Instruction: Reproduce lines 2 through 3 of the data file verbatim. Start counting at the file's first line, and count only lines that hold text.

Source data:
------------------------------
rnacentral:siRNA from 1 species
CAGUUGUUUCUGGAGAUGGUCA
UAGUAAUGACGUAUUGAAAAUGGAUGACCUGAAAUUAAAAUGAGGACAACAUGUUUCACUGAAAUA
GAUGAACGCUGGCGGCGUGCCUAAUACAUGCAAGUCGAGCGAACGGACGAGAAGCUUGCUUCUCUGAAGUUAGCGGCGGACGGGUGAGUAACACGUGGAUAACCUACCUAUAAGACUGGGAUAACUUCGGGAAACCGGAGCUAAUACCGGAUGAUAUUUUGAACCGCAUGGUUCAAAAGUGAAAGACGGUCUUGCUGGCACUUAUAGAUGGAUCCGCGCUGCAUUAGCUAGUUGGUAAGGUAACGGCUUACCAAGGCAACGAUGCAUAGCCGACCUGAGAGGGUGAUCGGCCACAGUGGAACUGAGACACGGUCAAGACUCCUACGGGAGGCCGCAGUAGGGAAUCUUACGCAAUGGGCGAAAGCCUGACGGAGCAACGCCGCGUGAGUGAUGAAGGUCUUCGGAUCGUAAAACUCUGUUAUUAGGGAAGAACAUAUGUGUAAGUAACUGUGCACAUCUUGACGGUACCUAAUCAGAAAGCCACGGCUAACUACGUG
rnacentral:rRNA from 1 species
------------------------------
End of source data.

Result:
CAGUUGUUUCUGGAGAUGGUCA
UAGUAAUGACGUAUUGAAAAUGGAUGACCUGAAAUUAAAAUGAGGACAACAUGUUUCACUGAAAUA